Q: Prior to the end of the 45-day time period when internal control reports are not on file, can a company that delays the filing of internal control reports in accordance with the Order file a new registration statement on Form S-2 or S-3, but not request effectiveness until the internal control reports have been filed?
A: Yes. A company that delays the filing of internal control reports in accordance with the Order may file new registration statement on Form S-2 or S-3 if it is otherwise eligible to use that form, but it may not request effectiveness during the time period that the internal control reports are not on file. The cover letter accompanying such registration statement must state that the reports have been excluded from the 10-K pursuant to the Order and must also include an undertaking that, if the internal control reports are not filed within the 45-day period prescribed by the Order, then the registrant will amend the Form S-2 or S-3 to the appropriate registration form for which it is then eligible to use.
Q: Will Form S-3 be available during the 45-day period that internal control reports are not on file in accordance with the Order for continuous offerings by selling security holders, or that represent dividend reinvestment plans or direct stock purchase plans, in all cases that commenced prior to the original due date for the Form 10-K?
Q: Would a company that delays filing internal control reports in accordance with the Order be eligible to use Form S-8, and would persons selling the company's securities be able to rely on Securities Act Rule 144 during the 45-day period that internal control reports are not on file?
A: Yes. Companies that delay filing internal control reports in accordance with the Order will not be disqualified from using Form S-8 and persons selling the company's securities would not be precluded from relying on Rule 144 solely because the filed Form 10-K does not include internal control reports for the 45-day period permitted by the Order. In other words, a company would still be considered to be "current" in its Exchange Act reporting obligations during the 45 days even if its Form 10-K did not include internal control reports, as permitted by the Order.
Q: Question 22 in Management's Report on Internal Control Over Financial Reporting and Certification of Disclosure in Exchange Act Periodic Reports - Frequently Asked Questions (revised October 6, 2004) states, "we encourage issuers to include both management's report on internal control over financial reporting and the auditor's report on management's assessment of internal control over financial reporting in the annual report to shareholders when their audited financial statements are included." Are companies that rely on the Order still encouraged to include both internal control reports in an annual report to shareholders that meets the requirements of Exchange Act Rules 14a-3(b) or 14c-3(a)?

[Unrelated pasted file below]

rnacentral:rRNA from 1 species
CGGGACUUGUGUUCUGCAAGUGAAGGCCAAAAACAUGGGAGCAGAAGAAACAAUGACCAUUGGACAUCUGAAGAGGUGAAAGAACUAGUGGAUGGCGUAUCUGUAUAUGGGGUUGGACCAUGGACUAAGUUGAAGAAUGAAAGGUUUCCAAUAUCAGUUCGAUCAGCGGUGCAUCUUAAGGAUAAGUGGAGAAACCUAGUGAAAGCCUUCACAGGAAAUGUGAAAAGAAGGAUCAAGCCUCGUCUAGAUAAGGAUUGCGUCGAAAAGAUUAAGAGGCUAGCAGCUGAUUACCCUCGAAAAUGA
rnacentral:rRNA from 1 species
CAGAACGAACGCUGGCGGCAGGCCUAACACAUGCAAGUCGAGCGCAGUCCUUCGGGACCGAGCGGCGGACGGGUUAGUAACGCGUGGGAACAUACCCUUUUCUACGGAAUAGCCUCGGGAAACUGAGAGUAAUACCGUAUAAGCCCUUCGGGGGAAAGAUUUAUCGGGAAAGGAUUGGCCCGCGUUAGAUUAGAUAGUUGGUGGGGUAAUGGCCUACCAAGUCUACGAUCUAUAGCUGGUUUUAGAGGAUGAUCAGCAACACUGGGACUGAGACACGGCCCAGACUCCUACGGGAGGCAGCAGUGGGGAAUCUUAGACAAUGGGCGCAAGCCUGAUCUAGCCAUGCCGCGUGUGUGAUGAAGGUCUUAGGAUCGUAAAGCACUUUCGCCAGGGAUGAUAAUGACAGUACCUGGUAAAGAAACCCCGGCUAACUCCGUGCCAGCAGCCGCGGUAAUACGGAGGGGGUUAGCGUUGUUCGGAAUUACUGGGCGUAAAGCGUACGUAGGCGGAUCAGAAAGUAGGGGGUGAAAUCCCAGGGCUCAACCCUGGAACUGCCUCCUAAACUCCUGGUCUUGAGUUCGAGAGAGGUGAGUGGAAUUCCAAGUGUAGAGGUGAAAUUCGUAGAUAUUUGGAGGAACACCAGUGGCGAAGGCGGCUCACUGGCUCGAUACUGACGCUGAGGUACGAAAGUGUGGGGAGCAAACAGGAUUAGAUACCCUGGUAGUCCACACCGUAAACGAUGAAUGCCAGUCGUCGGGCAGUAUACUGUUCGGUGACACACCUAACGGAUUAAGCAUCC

A: In light of the policies underlying the Order, we believe that eligible companies relying on the Order may disregard Question 22.
Q: May a company that delays the filing of the internal control reports in accordance with the Order also delay for 45 days the date that management's internal report speaks to regarding the effectiveness of internal control over financial reporting? For example, may a company with a fiscal year ending on December 31, 2004 that delays the filing of the internal control reports in accordance with the Order include internal control reports regarding effectiveness of internal controls as of February 14, 2005?
A: No. The Order allows companies to delay the filing of the internal controls reports, but it does not change the date of the assessment of effectiveness, which still must be as of the end of the company's fiscal year (December 31, 2004 in the example above).
Q: How does the Order affect the filing of auditor consents?
A: If the auditor's report on internal control is to be incorporated by reference into a Securities Act filing, the auditor's consent to the use of the auditor's internal control report should be filed with the Form 10-K amendment. However, if the Form 10-K amendment does not include an audit report on the financial statements, the auditor is not required to provide a new consent on the use of their audit report on the financial statements incorporated by reference into a Securities Act filing.